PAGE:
BIB : א. דותן, הרז בכתובת בית הכנסת של עין גדי, לשוננו, ניסן-תמוז תשל"א, עמ' 112-712. י. נוה, על פסיפס ואבן, ספרית מעריב, תשל"ח, עמ' 501-901. א. מירסקי, גדי ודלי בכתובת עין גדי ובפיוטי קדמונים, תרביץ שנה מ' חוברת ג, ניסן, תשל"א, עמ' 673-483ץ א. ש. רוזנטל, צבו, תרביץ, שנה מ' חוברת א, תשרי תשל"א, עמ' 13-23. ד. בר"ג, לעניין 'קרתה' בכתובות מבית הכנסת בעין גדי, תרביץ, שנה מא חוברת ד, תמוז-אלול תל"ב, עמ' 354-454. ב. מזר, כתובת על רצפת בית כנסת בעין גדי, תרביץ, שנה מ' חוברת א, תשרי תשל"א, עמ' 81-03. מ. ויינפלד, הסוד של קהילת עין גדי, תרביץ, שנה נא, תשרי-כסלו תשמ"ב, עמ' י. פליקס, לעניין 'הי גניב צבותיה דחבריה' בפסיפס של עין גדי, תרביץ, שנה מ חוברת ב, טבת תשל"א, עמ' 652-752. מ"ב, לרנר, עוד לענין 'צבו', תרביץ, שנה מ' חוברת ב', טבת תשל"א, עמ' 752. י. קומולוש, הערות לכתובת של רצפת בית כנסת בעין גדי, בית מקרא, עמ' 965-075. B. Mazar and D. Barag, En Gedi, In: The New Encyclopedia of Archaeological Excavations in the Holy Land, Vol. II, Jerusalem, 1993, pp. 399-409. I. L. Levine, The Inscriptions in the En Gedi Synagogue, In: Ancient Synagogue Revealed (I. L. Levine ed. ), The Israel Exploration Society Jerusalem, 1981, pp.
REM : According to Y. Felix, S. Lieberman, and I. L. Levine, the secret mentioned in the inscription refers to the growth and production of balsam, which was centered in En Gedi. A. A. Urbach rejects this idea, since the Romans knew the secret of balsam production long before the date of the inscription. Urbach suggests that the inscription is a typical example of a civic oath sworn by town residents. According to Weinfeld, the structure of the inscriptions, opening with the ancestors of the world and continuing with the zodaic signs, indicates that the inscription is an oath taken by members of a professional union. A. Dothan suggests that the events behind the inscription were religious and related to the restrictions imposed by Justinian on the reading of the Scriptures and the study of the Oral Law. Dothan suggests that the Jewish community hid their Torah scrolls, and that the inscription was a warning against revealing the "secret." Mazar interprets the secret of the town as relating to various political alliances. He suggests that the Persian-Byzantine conflict of 614 CE and after, gave rise to political controversy with some members of the community supporting the Persian cause, and others maintaining their allegiance to the Byzantine authorities. These conflicting loyalties gave rise to tensions within the community, including slander and the revelation of the town's secret, ie. the town's divided loyalties.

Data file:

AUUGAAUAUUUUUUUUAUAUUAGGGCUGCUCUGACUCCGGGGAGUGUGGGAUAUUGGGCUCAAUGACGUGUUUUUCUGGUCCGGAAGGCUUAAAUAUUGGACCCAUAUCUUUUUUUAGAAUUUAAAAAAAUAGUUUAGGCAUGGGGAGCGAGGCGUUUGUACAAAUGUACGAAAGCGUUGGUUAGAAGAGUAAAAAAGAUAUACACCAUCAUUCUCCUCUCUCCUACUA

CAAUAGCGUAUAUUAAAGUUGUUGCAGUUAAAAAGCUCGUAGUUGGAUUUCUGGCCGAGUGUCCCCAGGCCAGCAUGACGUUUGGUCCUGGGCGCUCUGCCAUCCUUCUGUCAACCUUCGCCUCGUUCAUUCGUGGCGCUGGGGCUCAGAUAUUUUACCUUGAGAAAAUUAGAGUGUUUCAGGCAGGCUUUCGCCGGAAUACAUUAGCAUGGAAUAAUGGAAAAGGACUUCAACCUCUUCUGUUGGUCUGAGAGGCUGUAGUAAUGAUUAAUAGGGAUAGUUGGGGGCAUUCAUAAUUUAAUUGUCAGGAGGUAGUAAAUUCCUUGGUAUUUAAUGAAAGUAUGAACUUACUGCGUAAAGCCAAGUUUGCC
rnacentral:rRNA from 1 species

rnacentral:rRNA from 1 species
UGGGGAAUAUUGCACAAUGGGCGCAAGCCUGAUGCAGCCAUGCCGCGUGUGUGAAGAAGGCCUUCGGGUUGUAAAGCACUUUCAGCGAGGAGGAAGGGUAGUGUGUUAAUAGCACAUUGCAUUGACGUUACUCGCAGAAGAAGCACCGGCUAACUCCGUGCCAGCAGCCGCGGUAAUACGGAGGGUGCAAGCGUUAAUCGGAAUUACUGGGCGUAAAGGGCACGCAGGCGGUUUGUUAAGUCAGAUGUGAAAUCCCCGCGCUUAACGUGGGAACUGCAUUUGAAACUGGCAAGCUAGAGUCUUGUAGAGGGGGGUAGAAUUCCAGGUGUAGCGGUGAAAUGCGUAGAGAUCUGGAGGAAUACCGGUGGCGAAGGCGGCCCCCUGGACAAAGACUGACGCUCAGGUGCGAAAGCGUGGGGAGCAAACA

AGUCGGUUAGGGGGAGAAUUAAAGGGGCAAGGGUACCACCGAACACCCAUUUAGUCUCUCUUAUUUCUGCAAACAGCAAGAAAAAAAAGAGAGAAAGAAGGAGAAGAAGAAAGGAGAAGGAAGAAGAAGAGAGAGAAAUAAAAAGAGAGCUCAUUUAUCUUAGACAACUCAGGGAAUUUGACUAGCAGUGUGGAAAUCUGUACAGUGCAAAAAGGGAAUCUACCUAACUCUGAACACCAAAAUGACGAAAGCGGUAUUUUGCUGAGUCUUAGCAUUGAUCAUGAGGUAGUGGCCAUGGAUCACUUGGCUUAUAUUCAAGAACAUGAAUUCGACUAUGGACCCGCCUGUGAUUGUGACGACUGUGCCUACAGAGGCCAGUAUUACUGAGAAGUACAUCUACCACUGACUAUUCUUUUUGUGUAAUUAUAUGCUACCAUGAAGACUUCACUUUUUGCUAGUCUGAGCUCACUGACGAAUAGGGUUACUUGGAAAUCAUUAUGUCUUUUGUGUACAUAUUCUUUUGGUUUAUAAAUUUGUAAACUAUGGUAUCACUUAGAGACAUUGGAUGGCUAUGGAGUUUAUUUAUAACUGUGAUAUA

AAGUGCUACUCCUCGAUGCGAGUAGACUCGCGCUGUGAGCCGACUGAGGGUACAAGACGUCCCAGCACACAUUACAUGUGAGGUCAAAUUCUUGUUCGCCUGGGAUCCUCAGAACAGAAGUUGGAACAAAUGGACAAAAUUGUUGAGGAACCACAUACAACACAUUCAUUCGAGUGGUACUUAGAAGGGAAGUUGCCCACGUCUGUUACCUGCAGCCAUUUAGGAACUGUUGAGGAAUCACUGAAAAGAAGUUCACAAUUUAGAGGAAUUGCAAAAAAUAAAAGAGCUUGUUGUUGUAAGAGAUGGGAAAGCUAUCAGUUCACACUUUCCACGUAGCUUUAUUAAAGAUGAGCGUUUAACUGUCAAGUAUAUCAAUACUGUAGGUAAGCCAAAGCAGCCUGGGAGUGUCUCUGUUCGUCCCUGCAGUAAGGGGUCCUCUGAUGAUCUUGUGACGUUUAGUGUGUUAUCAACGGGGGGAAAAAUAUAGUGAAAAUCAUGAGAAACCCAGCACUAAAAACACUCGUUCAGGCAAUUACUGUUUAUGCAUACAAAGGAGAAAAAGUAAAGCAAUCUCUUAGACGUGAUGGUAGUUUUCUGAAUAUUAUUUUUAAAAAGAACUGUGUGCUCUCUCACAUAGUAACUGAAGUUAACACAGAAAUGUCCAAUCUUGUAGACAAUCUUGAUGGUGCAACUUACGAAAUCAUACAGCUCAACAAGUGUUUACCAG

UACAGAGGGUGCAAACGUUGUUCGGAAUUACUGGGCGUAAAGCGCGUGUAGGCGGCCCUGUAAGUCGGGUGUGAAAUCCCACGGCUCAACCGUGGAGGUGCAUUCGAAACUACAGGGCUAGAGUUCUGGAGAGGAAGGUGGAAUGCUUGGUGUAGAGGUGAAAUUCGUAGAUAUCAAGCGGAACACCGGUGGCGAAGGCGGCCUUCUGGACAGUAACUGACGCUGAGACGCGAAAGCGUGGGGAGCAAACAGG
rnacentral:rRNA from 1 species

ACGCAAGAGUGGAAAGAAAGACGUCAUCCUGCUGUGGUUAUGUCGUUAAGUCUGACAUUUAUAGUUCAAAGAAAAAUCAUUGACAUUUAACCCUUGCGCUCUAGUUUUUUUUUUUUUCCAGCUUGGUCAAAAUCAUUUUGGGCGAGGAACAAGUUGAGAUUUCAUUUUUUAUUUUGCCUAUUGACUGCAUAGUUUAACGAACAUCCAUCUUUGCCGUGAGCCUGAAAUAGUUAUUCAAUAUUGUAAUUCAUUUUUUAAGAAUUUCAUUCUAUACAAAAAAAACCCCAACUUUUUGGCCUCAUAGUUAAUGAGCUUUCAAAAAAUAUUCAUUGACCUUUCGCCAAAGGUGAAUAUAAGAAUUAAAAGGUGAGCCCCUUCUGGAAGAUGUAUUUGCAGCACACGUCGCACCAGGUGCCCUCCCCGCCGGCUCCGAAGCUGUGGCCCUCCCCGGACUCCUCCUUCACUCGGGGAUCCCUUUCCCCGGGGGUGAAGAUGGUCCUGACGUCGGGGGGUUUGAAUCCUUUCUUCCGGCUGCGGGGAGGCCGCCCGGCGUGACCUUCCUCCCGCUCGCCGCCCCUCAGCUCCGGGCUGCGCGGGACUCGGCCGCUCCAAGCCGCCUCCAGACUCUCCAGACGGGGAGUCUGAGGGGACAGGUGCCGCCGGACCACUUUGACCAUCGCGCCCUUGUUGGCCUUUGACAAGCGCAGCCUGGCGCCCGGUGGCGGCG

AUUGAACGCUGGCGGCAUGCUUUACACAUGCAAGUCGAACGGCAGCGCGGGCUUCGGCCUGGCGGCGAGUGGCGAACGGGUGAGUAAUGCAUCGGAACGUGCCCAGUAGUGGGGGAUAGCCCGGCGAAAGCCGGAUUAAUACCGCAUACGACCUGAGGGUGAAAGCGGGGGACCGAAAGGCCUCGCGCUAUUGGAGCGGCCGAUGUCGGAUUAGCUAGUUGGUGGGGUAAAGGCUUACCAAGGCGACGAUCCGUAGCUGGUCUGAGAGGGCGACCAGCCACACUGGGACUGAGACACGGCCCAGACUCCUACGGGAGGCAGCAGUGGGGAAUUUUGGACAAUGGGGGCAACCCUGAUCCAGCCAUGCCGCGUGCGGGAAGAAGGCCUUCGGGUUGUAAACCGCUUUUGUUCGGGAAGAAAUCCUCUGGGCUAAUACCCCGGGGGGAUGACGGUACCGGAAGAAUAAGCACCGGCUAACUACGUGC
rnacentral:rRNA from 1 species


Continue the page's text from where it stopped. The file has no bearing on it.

Function: Name: Date:
49 Documenter 49a
50 Researcher 50a
51 Architectural Drawings 51a
52 Computer Reconstruction 52a
53 Section Head 53a
54 Editor 54a
55 Donor 55a